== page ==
Marijuana-induced psychosis behind Toronto lawyer’s bat attack, judge rules
SEAN FINE JUSTICE WRITER ST. THOMAS, ONT. APRIL 10, 2018
Mark Phillips arrives at court in St. Thomas, Ont., on April 10, 2018.
As the federal government prepares to legalize the recreational use of marijuana, an Ontario judge has ruled that cannabis-induced psychosis led a man to a seemingly hate-filled attack on a family, in what appears to be the first case of its kind in Canadian criminal courts.
The man who committed the attack, Mark Phillips, is a Toronto lawyer with an otherwise clean record, and the great-grandson of Nathan Phillips, a former mayor after whom the civic square in front of Toronto City Hall is named. The 37-year-old pleaded guilty Tuesday to assault causing harm in the Dec. 7 incident in St. Thomas, in southwestern Ontario, in which he cracked a man’s rib with a baseball bat.
Sergio Estepa was with his wife, Mari, teenage son and a family friend, speaking Spanish in the parking lot of a St. Thomas mall when a stranger, Mr. Phillips, approached and told them to stop speaking French, according to evidence in court.
He then came at them with a baseball bat, repeatedly screaming “ISIS,” saying he was arresting the family, and calling for help. The family also called for help.
Ontario Court Justice John Skowronski said that, in ordinary circumstances, such an attack would call for a penitentiary sentence — that is, at least two years in federal prison. But he accepted the recommendation of defence lawyer Steven Skurka that Mr. Phillips be given a conditional discharge, on the condition that he complete three years of probation. A conditional discharge means that, once his probation is successfully finished, Mr. Phillips will not have a criminal record.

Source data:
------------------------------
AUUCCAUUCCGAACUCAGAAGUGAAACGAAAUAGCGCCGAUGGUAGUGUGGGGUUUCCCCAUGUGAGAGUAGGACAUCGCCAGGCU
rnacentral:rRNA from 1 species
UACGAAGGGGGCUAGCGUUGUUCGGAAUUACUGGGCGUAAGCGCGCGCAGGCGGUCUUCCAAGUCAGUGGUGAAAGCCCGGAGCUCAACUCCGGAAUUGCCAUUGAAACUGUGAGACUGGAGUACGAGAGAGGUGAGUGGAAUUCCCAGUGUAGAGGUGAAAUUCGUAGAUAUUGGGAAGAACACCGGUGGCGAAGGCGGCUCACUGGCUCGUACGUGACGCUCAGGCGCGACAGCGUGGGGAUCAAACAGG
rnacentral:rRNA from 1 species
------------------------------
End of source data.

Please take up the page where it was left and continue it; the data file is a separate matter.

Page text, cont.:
Addressing the family, whose members had told the court in emotional victim-impact statements about the nightmares and anxiety they had experienced, Justice Skowronski said he wanted them to know that what happened to them was an aberration for the country. “Canada is a country of immigrants, different nations, skin colours, accents, names,” he said, adding that his name had not come from this country.
“This is something that took place because of a mental illness.”
Although Crown prosecutor Lisa Defoe had urged a suspended sentence and probation, which would have left Mr. Phillips with a criminal record, she, too, had accepted the defence argument that the attack was caused by cannabis-induced psychosis.
“At first blush this may appear to be a hate crime,” she told Justice Skowronski, “but it’s important for the Crown not to react emotionally.”
Mr. Skurka had told the court that Peter Collins, a forensic psychiatrist at the Centre for Addiction and Mental Health in Toronto, had uncovered after several sessions with Mr. Phillips that he had been smoking marijuana heavily, including three or four joints earlier on the day of the attack.
With marijuana legalization on the horizon, the case raises questions about mental-health risks and new challenges for the legal system. According to Mr. Skurka, Dr. Collins warned that higher levels than in the past of tetrahydrocannabinol (THC), the active ingredient in cannabis, is creating a higher incidence of drug-induced psychosis.